By Yvonne Sam
As our kids return to school, ready to start another school year, it is important that parents, especially those who have kids entering school for the first time, be on the same page.
For a school year to be deemed successful, parents, teachers and children must be involved in building strong relationships and partnerships.
Starting on the right foot starts when clear goals and objectives are created, and parents and children each fully understands the part that they must play in making the school experience the best it can be.
Another important component of educational success is for parents to be actively involved in their child’s education.
Plainly stated, the child needs to see, from the beginning, that its parent and teacher are on the same team, thus parents are called upon to form positive relationships with the school and school personnel.
Remember that the school is on your side, so parents, never let your child see or hear you speak about the teacher or any school personnel in a depreciatory manner.
Relationship problems develop when parents visit the school, only when they are called to do so—usually when the child is in trouble. Keep in touch with the teacher via email, phone, or student agenda, as these are key things to use as communication tools from the school to the home.
Of further importance, is the fact that it should be instilled, very early in the child, that instructional time is precious and every minute counts. Efforts lead to good results and rewards.
Too often we see school children heading to school, walking as they did not have a care in the world, or school was waiting on them.
Get children in the habit of reading as a routine, for reading unlocks the mind for learning. He/she who read –leads. Each night parents should read with the child for at least half an hour. This helps prepare the child for learning and also improves reading and comprehension skills. Parents can also have the child read to them, and they in turn read to the child, and in the process ask questions for comprehension.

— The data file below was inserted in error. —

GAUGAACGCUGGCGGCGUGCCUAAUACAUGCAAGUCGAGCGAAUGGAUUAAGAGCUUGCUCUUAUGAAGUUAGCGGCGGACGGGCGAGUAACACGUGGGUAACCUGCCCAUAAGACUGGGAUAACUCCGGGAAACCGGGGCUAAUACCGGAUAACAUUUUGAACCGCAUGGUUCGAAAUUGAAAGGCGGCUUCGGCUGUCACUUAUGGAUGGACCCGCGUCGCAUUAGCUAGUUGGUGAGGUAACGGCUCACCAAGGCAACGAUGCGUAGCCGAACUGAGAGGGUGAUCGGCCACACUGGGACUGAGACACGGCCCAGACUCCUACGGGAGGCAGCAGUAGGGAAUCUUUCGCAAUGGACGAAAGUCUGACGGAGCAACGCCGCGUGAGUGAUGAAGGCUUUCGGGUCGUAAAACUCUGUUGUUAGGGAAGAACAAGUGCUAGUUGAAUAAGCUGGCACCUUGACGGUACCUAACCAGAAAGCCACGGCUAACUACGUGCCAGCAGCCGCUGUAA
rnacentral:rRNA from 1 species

Also, set up regular times to schedule taking the children to the library and let them choose books that they want to read and on the correct level. Speaking from stark experience, most community libraries cannot boast of our children being among their frequent users.
Have daily conversations with your child about what is happening in its/their lives, listening carefully for signs of bullying or being bullied. Opening lines of communication can effectively prevent underlying problems or concerns over peer pressure or other problems.
Parents need to know and understand that learning begins at home and that they are their children’s first pedagogue, while painstakingly instilling in the child that education is a lifelong undertaking, is powerful and should not be taken for granted.
In the process, discuss with them your expectations about academics, and remind them that a good education is one thing that no one can rob them of.
Yvonne Sam, a retired Head Nurse and Secondary School Teacher, is Vice-president of the Guyana Cultural Association of Montreal. A regular columnist for over two decades with the Montreal Community Contact, her insightful and incursive articles on topics ranging from politics, human rights and immigration, to education and parenting have also appeared in the Huffington Post, Montreal Gazette, XPressbogg and Guyanese OnLine. She is also the recipient of the Governor General of Canada Caring Canadian Citizen Award.